Photo: Duc Anh
Most debts recovered via selling of real estate put down as collateral, which should be boosted by introduction of new auction law on July 1.
The Vietnam Asset Management Company (VAMC) has recouped only 17.8 per cent of toxic debts purchased from troubled banks, primarily by selling properties used as collateral, according to recently released data.
Vietnam has been restructuring a banking sector saddled with bad debts, which had been cut to 2.46 per cent of total outstanding loans in November 2016 from 17.2 per cent in September 2012. The government set up VAMC in 2013 to help consolidate the country’s fragmented banking sector.
While loss of asset value from sales has always been a problem for VAMC’s performance, there is currently a lack of proper policy to improve such sales.
VAMC has purchased VND282 trillion ($12.4 billion) worth of bad debts to rescue 42 banks from either bankruptcy or major losses. Sixty-two per cent of toxic debts, worth VND268.8 trillion ($11.8 billion), purchased by VAMC are real estate mortgages.
Only Vietcombank has finished cleaning up all of its debts sold to the VAMC. The initial amount of cumulative debts was VND6.5 trillion ($288 million), while the value of VAMC’s bonds in exchange was only VND4 trillion ($177 million).
“Higher credit costs make the economy more rigid,” said Mr. Truong Van Phuoc, Vice Chairman of the National Financial Supervisory Commission, implying that even though those costs are incurred by banks, most companies in Vietnam that remain heavily dependent on bank loans feel a significant impact.
Apart from the establishment of VAMC, the central bank has also adopted several other measures to ensure safety and stability in the banking system, including the buy-out of three troubled lenders: Global Petro Bank, Vietnam Construction Bank, and Ocean Bank.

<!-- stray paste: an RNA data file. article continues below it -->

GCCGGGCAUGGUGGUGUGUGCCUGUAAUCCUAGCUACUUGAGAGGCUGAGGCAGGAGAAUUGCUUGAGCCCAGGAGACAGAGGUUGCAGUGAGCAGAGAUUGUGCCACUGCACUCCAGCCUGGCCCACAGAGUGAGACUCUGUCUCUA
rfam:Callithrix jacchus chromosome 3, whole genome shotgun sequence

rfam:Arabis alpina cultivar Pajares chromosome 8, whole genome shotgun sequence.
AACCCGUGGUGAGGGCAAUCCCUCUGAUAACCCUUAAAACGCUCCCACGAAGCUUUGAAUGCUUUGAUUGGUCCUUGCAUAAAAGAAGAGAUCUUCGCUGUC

Vietnam is forecast to need $25 billion to clear toxic debts off bank books, equal to 13 per cent of the country’s GDP, Mr. Phuoc told a National Assembly (NA) meeting late last year.
Overhanging bad debts have been a burden on Vietnam’s economic growth since 2012, when total bad debts, mostly in the real estate sector, reached VND280 trillion ($12.5 billion), equivalent to 11 per cent of GDP.
Though the bad debt rate remains below the limit, it does not reflect the state of affairs in the banking system. “There are some banks with 50 per cent bad debts and some with 1 per cent bad debts,” former SBV Governor Cao Sy Kiem told VET. Bad debts have simply been “parked” at VAMC and Mr. Kiem believes all banks will have to set aside part of their profits each year to hasten bad debt settlement.
Last November, the NA passed the Law on Property Auctions, which would facilitate bad debt resolution where it involves property assets. The Law has been delayed for some time due to differing views on property ownership but will now come into effect on July 1, 2017.
Analysts believe that the VAMC will be empowered by the Law to auction bad debts and collateral belonging to financial institutions. The government will specifically regulate auction procedures for high value debts under the Law, to guarantee the sales of high value assets does not result in debts losing value and causing losses for the State.